With the Inferno event about to rip through the X-Men line, being able to read this collection of issues from a few months back is an advantageous way to take in some of the minor narrative moments before Krakoa gets turned upside down.
In this collection, we have Marauders #17, New Mutants #15, Cable #7 and Wolverine #8-9. It’s a noteworthy compilation of issues without a clear narrative through-line to connect each story arc. That being said, these compiled issues do exhibit an ending of sorts to specific plots running in the current line of books, while also showcasing excellent teams of creators working in comics.
It’s clear why Gerry Duggan ended up taking over the core X-Men book when reading Marauders #17: this is a book that has a tenderness and veneration for its characters and their relationships. Other than setting up the Hellfire Gala crossover, the bulk of this issue focuses on Callisto entering the Crucible and her complicated relationship with Storm. While death in the current Krakoan age is not momentous, the drama between the two women makes this singular event feel consequential. Matteo Lolli’s pencil work fits well for a book high on character dynamics, giving the slight turns of phrases mustered by the likes of Emma Frost visual flair. Duggan is also responsible for the Cable issue here (complemented by Phil Noto’s art), and he gives this younger reiteration spirit and purpose, something I simply would not have expected from the book when it was announced. Knowing that Cable is about to end its run, reading issue #7 makes one blue to know this character will be vanishing into the either.
Vita Ayala’s New Mutants run, complemented admirably by Rod Reis’ art, continues to explore the youth subculture on Krakoa, while giving the classic Claremont cast a role as guides for the new mutant generation. It’s a slice-of-life book that gives voice to the less-than-accepted mutant youth, and something that needs greater exploration in this current X universe.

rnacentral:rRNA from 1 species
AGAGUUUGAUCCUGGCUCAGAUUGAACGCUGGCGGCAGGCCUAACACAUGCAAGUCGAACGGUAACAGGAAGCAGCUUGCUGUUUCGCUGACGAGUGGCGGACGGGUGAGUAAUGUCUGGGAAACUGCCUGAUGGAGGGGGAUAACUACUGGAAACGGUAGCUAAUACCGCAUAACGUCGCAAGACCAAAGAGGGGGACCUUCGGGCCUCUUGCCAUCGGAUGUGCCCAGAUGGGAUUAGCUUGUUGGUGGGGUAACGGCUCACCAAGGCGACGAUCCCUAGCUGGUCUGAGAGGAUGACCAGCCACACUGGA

I haven’t been keeping up with the current Wolverine book’s monthly releases, but the two issues represented in this trade may change that. This solo series, written by Benjamin Percy, walks the faultless line between the larger Krakoan story arcs and the wandering warrior archetype Logan is known for. The art by Adam Kubert is splendid, feeling spiritually coupled to some of the Marvel Comics Presents runs from the ’90s. With Maverick playing a central role in these stories, it even feels like a best-of the Wolverine canon all in a modern book (I may be the only one who was a big fan of the character’s mid-’90s solo series). These two Wolverine issues are comic gold, and hopefully Percy and Kubert will continue to collaborate in the future.
The trade includes the variant covers from the Wolverine issues, and it would have been preferable to have all variants present. While this trade is not a comprehensive collection by any means, it does house an enjoyable set of issues from the line, amassing them in a manner that honors the entire line of current X-universe.
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